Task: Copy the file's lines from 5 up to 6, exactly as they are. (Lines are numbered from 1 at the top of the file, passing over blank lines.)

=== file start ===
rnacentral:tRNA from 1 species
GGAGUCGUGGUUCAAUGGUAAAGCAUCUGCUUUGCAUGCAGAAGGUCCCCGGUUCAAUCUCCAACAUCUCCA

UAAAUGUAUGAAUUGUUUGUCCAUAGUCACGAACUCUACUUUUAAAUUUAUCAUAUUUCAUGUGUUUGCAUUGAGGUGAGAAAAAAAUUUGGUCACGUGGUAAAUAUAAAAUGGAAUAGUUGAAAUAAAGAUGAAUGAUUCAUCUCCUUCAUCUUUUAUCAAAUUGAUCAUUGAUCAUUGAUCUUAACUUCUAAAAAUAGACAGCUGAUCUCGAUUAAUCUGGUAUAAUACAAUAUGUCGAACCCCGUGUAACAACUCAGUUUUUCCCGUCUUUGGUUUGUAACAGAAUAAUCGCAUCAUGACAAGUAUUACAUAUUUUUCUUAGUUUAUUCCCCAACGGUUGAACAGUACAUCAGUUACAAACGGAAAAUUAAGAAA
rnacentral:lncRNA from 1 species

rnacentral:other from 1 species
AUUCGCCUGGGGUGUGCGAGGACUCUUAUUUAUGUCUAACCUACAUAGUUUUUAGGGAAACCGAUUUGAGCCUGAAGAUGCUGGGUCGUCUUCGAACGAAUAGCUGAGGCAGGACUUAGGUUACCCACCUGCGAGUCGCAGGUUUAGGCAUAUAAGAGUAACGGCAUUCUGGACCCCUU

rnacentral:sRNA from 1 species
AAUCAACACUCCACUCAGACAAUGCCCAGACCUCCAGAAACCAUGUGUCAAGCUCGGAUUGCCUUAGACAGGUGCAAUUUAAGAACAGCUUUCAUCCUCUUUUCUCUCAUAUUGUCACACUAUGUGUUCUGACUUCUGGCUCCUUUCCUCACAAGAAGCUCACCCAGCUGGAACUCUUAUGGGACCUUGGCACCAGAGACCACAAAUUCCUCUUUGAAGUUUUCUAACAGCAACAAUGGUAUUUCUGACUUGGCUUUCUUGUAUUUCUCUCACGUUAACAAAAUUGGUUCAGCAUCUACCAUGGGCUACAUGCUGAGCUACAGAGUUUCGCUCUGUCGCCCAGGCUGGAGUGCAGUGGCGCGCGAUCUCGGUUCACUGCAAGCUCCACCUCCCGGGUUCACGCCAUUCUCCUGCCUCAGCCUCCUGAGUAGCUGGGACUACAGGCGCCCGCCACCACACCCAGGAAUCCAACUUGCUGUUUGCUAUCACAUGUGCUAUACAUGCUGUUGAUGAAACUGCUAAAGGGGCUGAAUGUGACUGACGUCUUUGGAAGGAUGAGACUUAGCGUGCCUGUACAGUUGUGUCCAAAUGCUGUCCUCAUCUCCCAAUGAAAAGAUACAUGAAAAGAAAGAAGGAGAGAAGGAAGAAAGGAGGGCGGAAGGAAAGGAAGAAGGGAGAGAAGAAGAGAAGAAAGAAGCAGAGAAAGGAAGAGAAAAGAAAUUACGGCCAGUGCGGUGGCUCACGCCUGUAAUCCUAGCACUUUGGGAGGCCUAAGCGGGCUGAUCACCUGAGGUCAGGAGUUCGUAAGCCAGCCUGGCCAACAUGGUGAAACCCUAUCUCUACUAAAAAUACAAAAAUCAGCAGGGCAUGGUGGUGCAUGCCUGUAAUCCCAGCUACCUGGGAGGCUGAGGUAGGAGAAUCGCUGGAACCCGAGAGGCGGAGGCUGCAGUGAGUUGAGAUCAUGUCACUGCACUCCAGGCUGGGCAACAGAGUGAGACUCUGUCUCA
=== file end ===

rnacentral:other from 1 species
AUUCGCCUGGGGUGUGCGAGGACUCUUAUUUAUGUCUAACCUACAUAGUUUUUAGGGAAACCGAUUUGAGCCUGAAGAUGCUGGGUCGUCUUCGAACGAAUAGCUGAGGCAGGACUUAGGUUACCCACCUGCGAGUCGCAGGUUUAGGCAUAUAAGAGUAACGGCAUUCUGGACCCCUU